Officials dispute claim that rough sleepers were denied beds in cold weather
Charity says at least 86 people could not get a bed on Tuesday - a figure repeated in the Dáil
Figures released on Wednesday show there was a 2 per cent drop in the numbers of homeless people in December. File image: Dara Mac Donaill
Dublin homeless officials insist there are more than enough beds for rough sleepers in the capital during the cold weather, rejecting claims that dozens could not get a bed on Tuesday night.
Inner City Helping Homeless (ICHH), one of the main homeless charities in the city, said on Wednesday it could not find beds for 86 people for Tuesday night, when temperatures dropped below freezing.
The figure was repeated in the Dáil by Sinn Féin leader Mary Lou McDonald.
“Our team dealt with 86. The likelihood is there were more people who we didn’t get to. But 86 is what we recorded last night, 70 males and 16 females,” Brian McLoughlin of ICHH said.
“One of our team tried four times to get accommodation for one person and was told there was no availability.”
However officials from the Dublin Region Homeless Executive (DRHE), which administers emergency accommodation in the capital, disputed the figure and said there were beds for everyone who wanted one.
“Anyone that looked for a bed last night, we were able to give them one,” said a DRHE spokeswoman.
She said according to the executive’s outreach workers there were about 30 rough sleepers in the city and another 20 in the wider Dublin region. These were people who did not want to avail of a bed.
“There was enough beds but these are people who don’t want to come in for their own reasons.”
She said sometimes emergency beds would reach capacity in the course of an evening but as the night progressed beds would come free where people failed to show up. If someone called while all the beds were booked they were told to call back later and there would be a bed available, the spokeswoman said.
But Mr McLoughlin described this as misinformation. “We know for a fact there were no beds available when our teams tried to get them last night.”
He said people were not told to call back later. “They were just told straight ‘no’.”
The Homeless Executive’s “Extreme Weather Protocol” has been in place since Monday when a yellow weather warning was announced. About 150 extra beds have been brought online and more outreach workers have been deployed, it said.
Members of the public can also alert the executive about a rough sleeper using an online form at homelessdublin.ie.
Heavy snowfall in parts of the midlands and the west led to the closure of a number of schools on Wednesday, and Met Éireann has forecast a further drop in temperatures on Thursday night.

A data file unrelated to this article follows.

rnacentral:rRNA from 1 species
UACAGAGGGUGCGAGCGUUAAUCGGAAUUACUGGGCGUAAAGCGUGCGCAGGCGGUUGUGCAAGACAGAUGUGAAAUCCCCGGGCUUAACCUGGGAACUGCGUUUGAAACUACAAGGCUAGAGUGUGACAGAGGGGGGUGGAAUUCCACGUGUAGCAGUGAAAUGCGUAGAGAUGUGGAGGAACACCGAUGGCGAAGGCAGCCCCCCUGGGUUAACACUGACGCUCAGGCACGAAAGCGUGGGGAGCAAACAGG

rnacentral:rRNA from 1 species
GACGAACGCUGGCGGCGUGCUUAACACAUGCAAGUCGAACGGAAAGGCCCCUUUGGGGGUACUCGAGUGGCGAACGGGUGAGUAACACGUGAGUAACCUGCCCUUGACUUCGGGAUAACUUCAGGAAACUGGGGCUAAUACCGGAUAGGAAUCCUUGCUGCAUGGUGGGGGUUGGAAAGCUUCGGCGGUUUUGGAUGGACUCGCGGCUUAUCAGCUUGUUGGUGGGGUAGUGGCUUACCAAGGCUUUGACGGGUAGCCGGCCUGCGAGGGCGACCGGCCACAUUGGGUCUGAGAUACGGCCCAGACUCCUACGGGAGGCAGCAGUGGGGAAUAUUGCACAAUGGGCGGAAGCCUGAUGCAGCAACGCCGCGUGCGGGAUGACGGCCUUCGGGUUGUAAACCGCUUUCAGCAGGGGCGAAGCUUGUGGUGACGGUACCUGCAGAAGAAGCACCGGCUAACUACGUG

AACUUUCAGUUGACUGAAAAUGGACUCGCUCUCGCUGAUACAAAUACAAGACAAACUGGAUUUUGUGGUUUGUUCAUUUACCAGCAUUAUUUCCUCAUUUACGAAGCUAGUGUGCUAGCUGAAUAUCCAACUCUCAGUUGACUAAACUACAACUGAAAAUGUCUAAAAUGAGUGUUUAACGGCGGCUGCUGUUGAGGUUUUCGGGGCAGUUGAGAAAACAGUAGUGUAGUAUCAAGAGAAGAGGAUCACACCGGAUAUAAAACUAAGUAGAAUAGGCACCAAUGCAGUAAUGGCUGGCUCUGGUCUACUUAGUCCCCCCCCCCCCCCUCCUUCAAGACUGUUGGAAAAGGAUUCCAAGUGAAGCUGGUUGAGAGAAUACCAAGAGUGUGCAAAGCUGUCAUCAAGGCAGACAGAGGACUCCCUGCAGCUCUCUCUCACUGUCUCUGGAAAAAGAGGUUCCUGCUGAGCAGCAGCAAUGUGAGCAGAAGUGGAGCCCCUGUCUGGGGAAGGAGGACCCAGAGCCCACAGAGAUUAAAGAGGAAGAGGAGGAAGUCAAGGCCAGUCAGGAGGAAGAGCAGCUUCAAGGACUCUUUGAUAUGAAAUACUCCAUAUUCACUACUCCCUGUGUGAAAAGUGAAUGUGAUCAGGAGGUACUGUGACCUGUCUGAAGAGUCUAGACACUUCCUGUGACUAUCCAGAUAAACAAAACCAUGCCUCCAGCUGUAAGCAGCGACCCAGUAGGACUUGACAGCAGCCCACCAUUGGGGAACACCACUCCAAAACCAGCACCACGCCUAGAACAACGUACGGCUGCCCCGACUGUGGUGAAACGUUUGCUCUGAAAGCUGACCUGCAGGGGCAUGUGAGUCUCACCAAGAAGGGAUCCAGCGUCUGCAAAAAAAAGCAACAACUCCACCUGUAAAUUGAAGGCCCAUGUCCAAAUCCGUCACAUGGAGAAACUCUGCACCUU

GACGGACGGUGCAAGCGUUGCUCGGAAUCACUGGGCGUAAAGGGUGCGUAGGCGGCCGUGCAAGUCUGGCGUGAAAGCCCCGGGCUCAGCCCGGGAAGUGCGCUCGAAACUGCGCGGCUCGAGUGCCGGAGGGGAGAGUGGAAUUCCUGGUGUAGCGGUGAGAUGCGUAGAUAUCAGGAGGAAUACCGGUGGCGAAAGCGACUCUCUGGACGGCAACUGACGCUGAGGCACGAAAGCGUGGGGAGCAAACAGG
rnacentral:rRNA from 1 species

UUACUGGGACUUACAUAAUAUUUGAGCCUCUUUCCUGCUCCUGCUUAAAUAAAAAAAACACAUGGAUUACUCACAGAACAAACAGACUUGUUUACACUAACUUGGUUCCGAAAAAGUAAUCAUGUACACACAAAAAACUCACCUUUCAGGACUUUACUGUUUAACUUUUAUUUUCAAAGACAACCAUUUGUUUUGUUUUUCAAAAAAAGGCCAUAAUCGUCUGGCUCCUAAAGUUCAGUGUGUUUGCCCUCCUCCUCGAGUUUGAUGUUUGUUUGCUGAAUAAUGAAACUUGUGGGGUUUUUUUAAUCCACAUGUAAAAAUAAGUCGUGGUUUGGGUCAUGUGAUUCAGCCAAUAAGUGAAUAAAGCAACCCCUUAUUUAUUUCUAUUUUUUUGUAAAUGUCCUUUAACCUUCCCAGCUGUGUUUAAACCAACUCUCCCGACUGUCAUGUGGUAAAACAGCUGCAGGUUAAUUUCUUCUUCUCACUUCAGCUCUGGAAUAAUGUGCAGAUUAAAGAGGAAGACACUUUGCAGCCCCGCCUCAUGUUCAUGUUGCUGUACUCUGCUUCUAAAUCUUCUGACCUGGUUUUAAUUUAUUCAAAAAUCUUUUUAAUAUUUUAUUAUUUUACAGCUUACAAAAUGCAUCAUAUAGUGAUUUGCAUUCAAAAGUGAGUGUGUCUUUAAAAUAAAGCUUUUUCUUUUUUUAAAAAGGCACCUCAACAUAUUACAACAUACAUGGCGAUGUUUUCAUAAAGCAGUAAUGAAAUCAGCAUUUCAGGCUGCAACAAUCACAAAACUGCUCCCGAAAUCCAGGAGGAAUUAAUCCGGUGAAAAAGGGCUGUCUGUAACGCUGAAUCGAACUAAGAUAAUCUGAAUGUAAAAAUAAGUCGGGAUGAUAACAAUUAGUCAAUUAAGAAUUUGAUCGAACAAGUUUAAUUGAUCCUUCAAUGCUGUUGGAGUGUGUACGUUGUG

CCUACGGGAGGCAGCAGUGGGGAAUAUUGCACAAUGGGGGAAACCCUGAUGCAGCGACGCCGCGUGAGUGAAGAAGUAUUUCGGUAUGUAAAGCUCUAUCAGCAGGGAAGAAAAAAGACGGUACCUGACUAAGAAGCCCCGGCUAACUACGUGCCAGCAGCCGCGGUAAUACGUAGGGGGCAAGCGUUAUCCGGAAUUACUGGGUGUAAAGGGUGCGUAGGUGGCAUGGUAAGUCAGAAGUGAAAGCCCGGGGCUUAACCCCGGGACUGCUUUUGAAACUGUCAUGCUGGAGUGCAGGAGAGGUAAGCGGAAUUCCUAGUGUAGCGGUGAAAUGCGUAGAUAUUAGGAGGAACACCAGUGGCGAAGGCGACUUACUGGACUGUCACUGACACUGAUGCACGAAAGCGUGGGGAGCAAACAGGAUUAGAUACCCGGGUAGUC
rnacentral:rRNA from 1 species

The snow is likely to be heaviest over much of Munster and south Leinster on Thursday with some significant accumulations in places, Met Éireann said, predicting nighttime temperatures of between minus 2 and minus 5 degrees.
AA Roadwatch warned road users that it took up to ten times longer to stop on an icy road. “In affected areas, slow down, keep further back from the vehicle in front and keep all manoeuvres gentle,” an AA roadwatch spokesman said.
Following the closure of a number of schools in Cos Longford, Sligo and Roscommon on Wednesday, the Department of Education said it was at the discretion of each school to decide on closures depending on the severity of the weather.
“The Department’s advice to schools is to remain vigilant in the event of adverse weather conditions. Schools should monitor weather forecasts in order to be prepared for any severe weather which may affect the school,” a spokesman said.
Meanwhile, figures released on Wednesday show there was a 2 per cent drop in the numbers of homeless people in December. The numbers presenting as homeless in Dublin also dropped for the fifth month in a row.
“This is showing us that increased outreach and prevention activity, such as HAP Placefinders, are starting to deliver results,” Minister for Housing Eoghan Murphy said.
Focus Ireland welcomed the decrease but said homeless numbers typically drop in December, when more people stay with family members, and tend to jump again in the new year.
It also said the long-term trends remain grim. The number of homeless people has increased by 14 per cent in the last year.